Friday, February 29, 2008

"If they knock on your door, you already gave

... You don't need no more of what's ailin' ya." -- Lenny Kravitz

I was over at an Eastern Orthodox forum, and I was astounded at the volume of guilty conscience. Guilt ridden people, led by a theology that says you might as well play it safe with God and confess confess confess. A theology that says that in the end you don't know if you're going to be saved, so do all you can. It's sad.

My hope: God made me alive in Christ. I who was once an enemy of God, who was dead in trespasses and sins, have been made alive in Christ, and I have been seated in heavenly places with Him. I have the Spirit of Sonship, a guarantee of my inheritance, by which I cry, "Abba, Father!"

My foundation: The finished work of Christ on the cross, and God's vindication of Him by raising Him from the tomb after 3 days. Christ bore God's wrath, so I wouldn't have to. (Lose this at your peril, Eastern Orthodox and Emergents....) Now by faith I am connected with God and His life flows through me.

So exhort me, but don't make me go to confession before communion.

Monday, February 25, 2008

Less filling! ... Tastes great!

Which is more important? Preaching the Gospel or Spreading the Kingdom?

This is a trick question, since it's not really either/or. Part of spreading the kingdom is preaching the Gospel (with words, Francis). The other part is stuff like physical healing, mental healing, and social healing. Oh, and exorcisms.

But I maintain that the Spiritual aspect of spreading the kingdom is more important than the physical aspect. In John 6, Jesus miraculously fed about 20,000 people, in a physical act of the Kingdom of God breaking into this world. However, the very next day, he said stuff like the following (vv. 26-29):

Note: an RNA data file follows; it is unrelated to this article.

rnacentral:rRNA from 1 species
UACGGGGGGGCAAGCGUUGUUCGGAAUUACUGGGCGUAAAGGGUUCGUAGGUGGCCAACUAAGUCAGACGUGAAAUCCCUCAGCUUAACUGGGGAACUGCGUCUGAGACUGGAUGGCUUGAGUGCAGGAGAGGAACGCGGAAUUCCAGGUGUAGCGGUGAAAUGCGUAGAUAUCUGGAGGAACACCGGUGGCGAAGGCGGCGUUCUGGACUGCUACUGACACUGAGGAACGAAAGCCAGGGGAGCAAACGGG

"Jesus answered, 'I tell you the truth, you are looking for me, not because you saw miraculous signs but because you ate the loaves and had your fill. Do not work for food that spoils, but for food that endures to eternal life, which the Son of Man will give you. On him God the Father has placed his seal of approval.' Then they asked him, 'What must we do to do the works God requires?' Jesus answered, 'The work of God is this: to believe in the one he has sent.'
And then during the rest of the often spiky interchange between Jesus and the people, narrated in chapter 6, Jesus continued to drive home how much more important the spiritual aspect is than the physical. "The flesh profits nothing."

Here's another thing: the people had all benefited from a tremendous miracle, and the very next day they asked Jesus for a sign! What gall! A wise man, Jay Carty, once preached that miracles are like Chinese food. You're hungry two hours later.

Here's a disclaimer: I'm big on physical outworkings of the power of God. I'm a member of a Vineyard Church, and one of my biggest peeves is Cessationism. What an abomination!

It's not: 100% effort to one and 0% to the other. I don't know if I'd even put percentages on it, because the two are inextricably linked.

Wednesday, February 20, 2008

Pilate Was Postmodern

"For this reason I was born, and for this reason I came into the world – to testify to the truth. Everyone who belongs to the truth listens to my voice." -- Jesus

"What is truth?" -- Pilate

Emergent is really starting to trouble me